The Elfenbein Lab is interested in how Salmonella causes disease and is transmitted between infected individuals. We use a combination of molecular genetics, cell culture, and animal infection models to understand the details underlying Salmonella biology in the gut and in the environment. Our overarching goal is to develop new treatments to ameliorate disease and prevent transmission in order to improve both human and animal health.
More information about our current projects can be found here:
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Intestinal and environmental metabolites influence Salmonella phenotypes
Non-typhoidal Salmonellae (NTS) can colonize and cause disease in all species of mammals. Disease is spread by consumption of contaminated food, water, or direct contact with individuals shedding the organism. In addition to colonizing mammals, NTS can also colonize birds and reptiles without causing disease, can colonize plants, and can create biofilms on abiotic surfaces to survive in the environment. The combination of broad host range and many strategies allowing for environmental persistence makes NTS very difficult to eradicate. Salmonella Typhimurium responds to host and microbial metabolites to stimulate either its virulence or biofilm paradigms. We hypothesize that metabolites present in the large intestine stimulate biofilm formation to prepare Salmonella for environmental survival. Ongoing projects in the laboratory study how byproducts of host and microbe amino acid metabolism alter Salmonella gene expression to facilitate its transition between the host and the environment.
Salmonella and the Neutrophil Respiratory Burst
Neutrophils are innate immune cells that are on the front line defending the host against invading pathogens. Unlike many other pathogens, Salmonella relies on neutrophils to colonize the gut. Neutrophilic inflammation kills competing resident microbes allowing Salmonella to grow in the gut to reach sufficient numbers for efficient transmission between hosts. Paradoxically, without functioning neutrophils, Salmonella infection causes lethal sepsis. We previously found that expression of Salmonella virulence genes (type-3 secretion system-1 and flagellar motility) are agonists of the neutrophil respiratory burst. We hypothesize that heterogeneity of Salmonella gene expression within the gut allows a portion of the population of Salmonella to thrive during intestinal inflammation. Our ongoing studies seek to understand how Salmonella modulates the magnitude of the neutrophil respiratory burst and other antimicrobial functions to develop therapeutic strategies that reduce Salmonella’s fitness in the gut.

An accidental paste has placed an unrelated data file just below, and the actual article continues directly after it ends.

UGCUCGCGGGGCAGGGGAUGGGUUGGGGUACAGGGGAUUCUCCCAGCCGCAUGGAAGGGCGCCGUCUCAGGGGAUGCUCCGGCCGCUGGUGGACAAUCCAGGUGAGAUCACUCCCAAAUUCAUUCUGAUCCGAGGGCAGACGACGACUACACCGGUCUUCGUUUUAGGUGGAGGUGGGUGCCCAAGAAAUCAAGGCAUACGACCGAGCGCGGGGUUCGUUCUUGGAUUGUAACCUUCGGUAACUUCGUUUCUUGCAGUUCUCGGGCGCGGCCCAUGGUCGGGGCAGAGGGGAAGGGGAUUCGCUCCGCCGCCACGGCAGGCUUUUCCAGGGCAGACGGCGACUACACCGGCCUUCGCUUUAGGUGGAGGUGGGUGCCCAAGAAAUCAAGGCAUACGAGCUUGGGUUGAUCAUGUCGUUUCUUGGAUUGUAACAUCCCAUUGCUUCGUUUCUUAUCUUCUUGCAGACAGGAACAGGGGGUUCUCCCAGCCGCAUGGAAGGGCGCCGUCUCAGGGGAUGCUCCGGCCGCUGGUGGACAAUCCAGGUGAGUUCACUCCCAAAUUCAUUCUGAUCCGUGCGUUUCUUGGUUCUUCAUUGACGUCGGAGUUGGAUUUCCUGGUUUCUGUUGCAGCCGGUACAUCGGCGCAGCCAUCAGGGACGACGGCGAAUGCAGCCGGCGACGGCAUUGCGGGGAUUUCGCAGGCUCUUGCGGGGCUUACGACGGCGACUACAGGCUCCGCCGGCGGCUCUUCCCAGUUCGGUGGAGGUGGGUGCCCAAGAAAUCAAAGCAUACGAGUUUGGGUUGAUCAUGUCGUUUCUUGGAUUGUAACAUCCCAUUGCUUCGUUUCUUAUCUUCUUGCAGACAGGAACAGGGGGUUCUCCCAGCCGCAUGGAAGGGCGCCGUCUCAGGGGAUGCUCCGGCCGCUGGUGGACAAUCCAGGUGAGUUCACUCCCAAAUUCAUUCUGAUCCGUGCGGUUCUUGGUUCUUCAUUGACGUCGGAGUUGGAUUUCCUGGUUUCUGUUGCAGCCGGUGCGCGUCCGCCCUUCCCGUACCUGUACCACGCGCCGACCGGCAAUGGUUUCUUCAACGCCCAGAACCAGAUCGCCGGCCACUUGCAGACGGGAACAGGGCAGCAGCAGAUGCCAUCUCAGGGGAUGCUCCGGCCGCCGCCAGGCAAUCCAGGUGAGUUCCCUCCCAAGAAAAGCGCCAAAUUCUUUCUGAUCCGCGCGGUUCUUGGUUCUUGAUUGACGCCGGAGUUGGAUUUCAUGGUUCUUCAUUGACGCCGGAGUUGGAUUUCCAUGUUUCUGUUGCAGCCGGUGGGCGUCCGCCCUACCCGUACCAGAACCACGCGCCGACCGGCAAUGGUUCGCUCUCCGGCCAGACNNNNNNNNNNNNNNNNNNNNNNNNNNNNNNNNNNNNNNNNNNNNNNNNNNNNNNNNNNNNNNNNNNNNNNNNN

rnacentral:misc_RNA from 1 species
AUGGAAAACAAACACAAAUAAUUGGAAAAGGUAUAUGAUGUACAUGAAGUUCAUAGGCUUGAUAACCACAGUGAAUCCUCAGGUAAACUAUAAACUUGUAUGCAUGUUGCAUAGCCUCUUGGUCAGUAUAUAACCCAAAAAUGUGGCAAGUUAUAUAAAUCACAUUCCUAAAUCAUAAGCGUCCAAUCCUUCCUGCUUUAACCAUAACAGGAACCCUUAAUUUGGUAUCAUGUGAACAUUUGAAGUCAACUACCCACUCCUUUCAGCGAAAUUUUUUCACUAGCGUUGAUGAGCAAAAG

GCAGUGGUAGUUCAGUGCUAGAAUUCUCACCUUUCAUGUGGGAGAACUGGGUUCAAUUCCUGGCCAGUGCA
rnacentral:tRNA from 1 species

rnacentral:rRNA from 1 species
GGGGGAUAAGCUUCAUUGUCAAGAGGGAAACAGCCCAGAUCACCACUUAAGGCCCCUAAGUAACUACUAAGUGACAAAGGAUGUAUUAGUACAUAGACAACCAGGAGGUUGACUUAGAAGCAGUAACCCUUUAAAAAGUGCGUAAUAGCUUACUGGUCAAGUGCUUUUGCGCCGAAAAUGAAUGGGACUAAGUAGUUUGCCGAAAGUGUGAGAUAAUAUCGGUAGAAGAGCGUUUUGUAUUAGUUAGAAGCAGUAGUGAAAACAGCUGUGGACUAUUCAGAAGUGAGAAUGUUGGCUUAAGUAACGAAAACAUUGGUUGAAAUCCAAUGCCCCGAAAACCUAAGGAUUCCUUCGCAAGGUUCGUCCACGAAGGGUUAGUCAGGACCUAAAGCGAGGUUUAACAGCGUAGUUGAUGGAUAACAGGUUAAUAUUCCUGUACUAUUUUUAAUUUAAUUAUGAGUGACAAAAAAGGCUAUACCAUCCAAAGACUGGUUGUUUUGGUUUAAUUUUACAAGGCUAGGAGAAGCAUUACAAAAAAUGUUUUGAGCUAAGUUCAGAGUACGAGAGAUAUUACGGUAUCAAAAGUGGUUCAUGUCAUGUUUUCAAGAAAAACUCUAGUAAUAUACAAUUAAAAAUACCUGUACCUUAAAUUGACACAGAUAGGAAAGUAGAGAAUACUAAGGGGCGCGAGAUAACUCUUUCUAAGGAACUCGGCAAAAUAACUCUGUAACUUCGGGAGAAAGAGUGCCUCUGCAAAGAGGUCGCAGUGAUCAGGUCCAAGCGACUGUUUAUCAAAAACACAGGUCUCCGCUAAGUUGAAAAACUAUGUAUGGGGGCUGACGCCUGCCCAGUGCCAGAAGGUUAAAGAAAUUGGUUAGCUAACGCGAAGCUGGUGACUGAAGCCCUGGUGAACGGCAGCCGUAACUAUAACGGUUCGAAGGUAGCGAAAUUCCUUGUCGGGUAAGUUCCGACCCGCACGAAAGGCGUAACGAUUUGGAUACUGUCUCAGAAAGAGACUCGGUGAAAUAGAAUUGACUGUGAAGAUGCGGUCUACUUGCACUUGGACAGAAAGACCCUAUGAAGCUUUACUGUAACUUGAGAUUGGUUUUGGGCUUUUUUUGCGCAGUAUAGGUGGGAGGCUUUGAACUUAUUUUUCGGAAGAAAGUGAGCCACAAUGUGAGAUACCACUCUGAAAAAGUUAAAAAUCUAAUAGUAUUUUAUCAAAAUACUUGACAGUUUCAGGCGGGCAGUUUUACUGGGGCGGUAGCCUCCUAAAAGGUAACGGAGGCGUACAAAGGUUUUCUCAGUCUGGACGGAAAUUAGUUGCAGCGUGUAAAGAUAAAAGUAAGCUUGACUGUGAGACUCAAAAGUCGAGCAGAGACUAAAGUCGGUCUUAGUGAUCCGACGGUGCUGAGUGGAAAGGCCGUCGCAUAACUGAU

Host-targeted therapeutics for enteric salmonellosis
Salmonella infections are a threat to both human and animal health. Multi-drug resistant infections are increasing at a dramatic rate, making it important to design new, non-antimicrobial strategies to eliminate Salmonella from the gut. Work in our laboratory is testing host-targeted therapeutics that have the potential to prevent Salmonella invasion into epithelial cells. We hypothesize that prevention of invasion will reduce collateral damage to the gut wall and will reduce Salmonella growth in the gut. Ultimately, we hope to reduce Salmonella shedding, environmental contamination, and transmission between animals.